Men’s Health Week happens every year in June. Most men probably don’t know that there’s a week dedicated to their health — let alone when it is. But if the numbers tell us anything, awareness on the subject is overdue.

According to the Canadian Men’s Health Foundation, 72 per cent of fellas live an unhealthy lifestyle — and that includes their work life.

When the CMHF recently asked men across the country about work, almost 70 per cent find their day-to-day stressful — and another 10 per cent defined it as “very stressful.”

Work also makes its presence felt at night with 60 per cent of men reporting that sometimes, or more often, work affects their ability to get seven to eight hours of sleep.

Almost 50 per cent go in early or stay late to get work done and 30 per cent of men are working while on vacation.

And even if they’re feeling unwell or sick, 60 per cent of guys go to work anyway.

“I was really surprised to see two out of three working when they feel sick,” says CMHF president Wayne Hartrick. “Not only are you maybe getting other people sick but you’re not letting yourself get well.”

Hartick believes zero sick days shouldn’t be viewed as a “badge of honour,” although he admits that before helping start CMHF in 2013, he was proud to say he hadn’t seen his GP in four or five years. “I thought of it as, ‘Yeah, good guy!’ But in fact, I should have been seeing him each year.”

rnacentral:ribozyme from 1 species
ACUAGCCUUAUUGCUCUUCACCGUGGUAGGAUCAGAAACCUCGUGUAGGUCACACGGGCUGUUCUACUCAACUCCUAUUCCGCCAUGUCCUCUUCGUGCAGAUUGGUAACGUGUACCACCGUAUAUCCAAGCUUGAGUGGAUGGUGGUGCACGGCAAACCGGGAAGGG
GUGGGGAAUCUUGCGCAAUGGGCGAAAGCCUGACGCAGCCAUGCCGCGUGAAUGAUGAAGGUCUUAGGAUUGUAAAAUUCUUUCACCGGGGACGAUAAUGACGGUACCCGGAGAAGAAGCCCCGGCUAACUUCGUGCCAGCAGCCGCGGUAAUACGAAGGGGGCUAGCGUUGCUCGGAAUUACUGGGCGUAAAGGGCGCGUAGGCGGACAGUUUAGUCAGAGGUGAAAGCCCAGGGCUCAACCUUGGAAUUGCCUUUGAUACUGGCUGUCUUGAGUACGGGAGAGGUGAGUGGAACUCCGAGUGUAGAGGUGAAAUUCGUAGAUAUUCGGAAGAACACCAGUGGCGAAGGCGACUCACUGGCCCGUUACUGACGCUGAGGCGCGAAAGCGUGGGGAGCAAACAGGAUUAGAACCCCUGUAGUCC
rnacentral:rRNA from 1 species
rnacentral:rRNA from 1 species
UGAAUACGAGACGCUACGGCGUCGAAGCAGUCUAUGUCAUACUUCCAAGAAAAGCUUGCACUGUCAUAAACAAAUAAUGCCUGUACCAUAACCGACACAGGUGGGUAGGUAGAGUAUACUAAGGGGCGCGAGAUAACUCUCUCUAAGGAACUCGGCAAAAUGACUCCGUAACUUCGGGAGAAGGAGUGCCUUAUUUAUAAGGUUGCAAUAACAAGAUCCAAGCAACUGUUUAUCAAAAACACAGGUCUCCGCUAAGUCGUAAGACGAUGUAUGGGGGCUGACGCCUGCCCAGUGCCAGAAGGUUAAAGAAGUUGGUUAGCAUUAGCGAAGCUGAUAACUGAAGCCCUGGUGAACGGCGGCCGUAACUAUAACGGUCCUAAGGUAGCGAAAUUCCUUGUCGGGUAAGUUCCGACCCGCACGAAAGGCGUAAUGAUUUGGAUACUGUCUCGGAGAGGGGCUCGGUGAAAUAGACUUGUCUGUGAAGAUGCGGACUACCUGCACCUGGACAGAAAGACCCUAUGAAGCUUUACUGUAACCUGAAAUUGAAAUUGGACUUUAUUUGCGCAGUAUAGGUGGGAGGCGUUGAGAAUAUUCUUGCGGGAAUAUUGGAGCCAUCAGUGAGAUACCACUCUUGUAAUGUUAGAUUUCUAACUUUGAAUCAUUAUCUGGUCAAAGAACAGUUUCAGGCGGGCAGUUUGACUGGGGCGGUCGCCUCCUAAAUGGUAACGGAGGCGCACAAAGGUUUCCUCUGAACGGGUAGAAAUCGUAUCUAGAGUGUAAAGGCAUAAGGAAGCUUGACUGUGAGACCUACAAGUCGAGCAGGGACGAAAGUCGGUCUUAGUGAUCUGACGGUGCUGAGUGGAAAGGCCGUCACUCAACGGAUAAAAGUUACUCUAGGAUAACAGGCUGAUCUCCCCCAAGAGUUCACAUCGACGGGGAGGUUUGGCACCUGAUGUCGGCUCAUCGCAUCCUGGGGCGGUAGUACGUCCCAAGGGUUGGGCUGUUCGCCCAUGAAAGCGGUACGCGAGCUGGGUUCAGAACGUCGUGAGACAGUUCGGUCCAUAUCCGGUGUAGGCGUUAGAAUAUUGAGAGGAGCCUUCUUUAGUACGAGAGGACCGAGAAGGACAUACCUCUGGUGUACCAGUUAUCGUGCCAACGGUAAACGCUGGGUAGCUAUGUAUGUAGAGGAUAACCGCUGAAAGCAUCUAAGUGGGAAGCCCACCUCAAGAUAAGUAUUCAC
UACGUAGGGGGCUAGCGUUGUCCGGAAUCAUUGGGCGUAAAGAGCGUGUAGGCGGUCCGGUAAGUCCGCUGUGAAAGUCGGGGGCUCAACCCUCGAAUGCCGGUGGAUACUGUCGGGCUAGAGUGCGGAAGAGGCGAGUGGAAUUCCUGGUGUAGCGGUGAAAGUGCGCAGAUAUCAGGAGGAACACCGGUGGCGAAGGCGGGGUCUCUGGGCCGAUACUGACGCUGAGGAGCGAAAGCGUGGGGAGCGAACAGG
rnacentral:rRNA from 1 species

Promoting self care, like going to your doctor as part of a healthy lifestyle, is one of the foundation’s aims. Education is another.

In working with CMHF founder Dr. Larry Goldenberg, Hartick himself learned about the importance of good sleep.  Getting seven continuous hours of sleep, for example, is crucial for the natural, nightly repairs your body performs. “If you only get five hours, you don’t get the benefit,” he points out.

Even worse, lack of sleep and stress — both of which were reported by the majority of men surveyed — are factors that increase risk for heart disease, Type 2 diabetes, obesity, depression and low testosterone.

“We think a lot of guys just aren’t aware of the fairly sizeable impact stress, lack of sleep, long hours and other habits have,” Hartick says. “We’re not asking people to quit their jobs but we are asking them to be aware.”

And make changes, of course, but it doesn’t have to be a lot.

“We did a bunch of research across Canada with men who weren’t being proactive about their health and one of the things we learned was most of the time they were being asked to do too much. It was simply overwhelming,” Hartick explains, offering a baby step suggestion. “How about half fries, half salad at lunch.”

Other tips include:

  • Take one flight of stairs before getting on the elevator
  • Try a stress break, go for a walk without your cell phone
  • Don’t drink coffee after 3 p.m.
  • Have healthy snacks at your desk (moving unhealthy snacks 6 ft away reduces consumption by 50 per cent)
  • Have a glass of water between every after-work drink

The foundation has a site,, dedicated to encouraging such healthy “bite-size” habits.

Hartick also wants men to know that “moderation” is a viable health strategy.

“You don’t have to go all or nothing,” he says. “Moderating is more likely to stick – and if it sticks it will have benefits. And later on, if they want to become a 10 K runner, good for them.”


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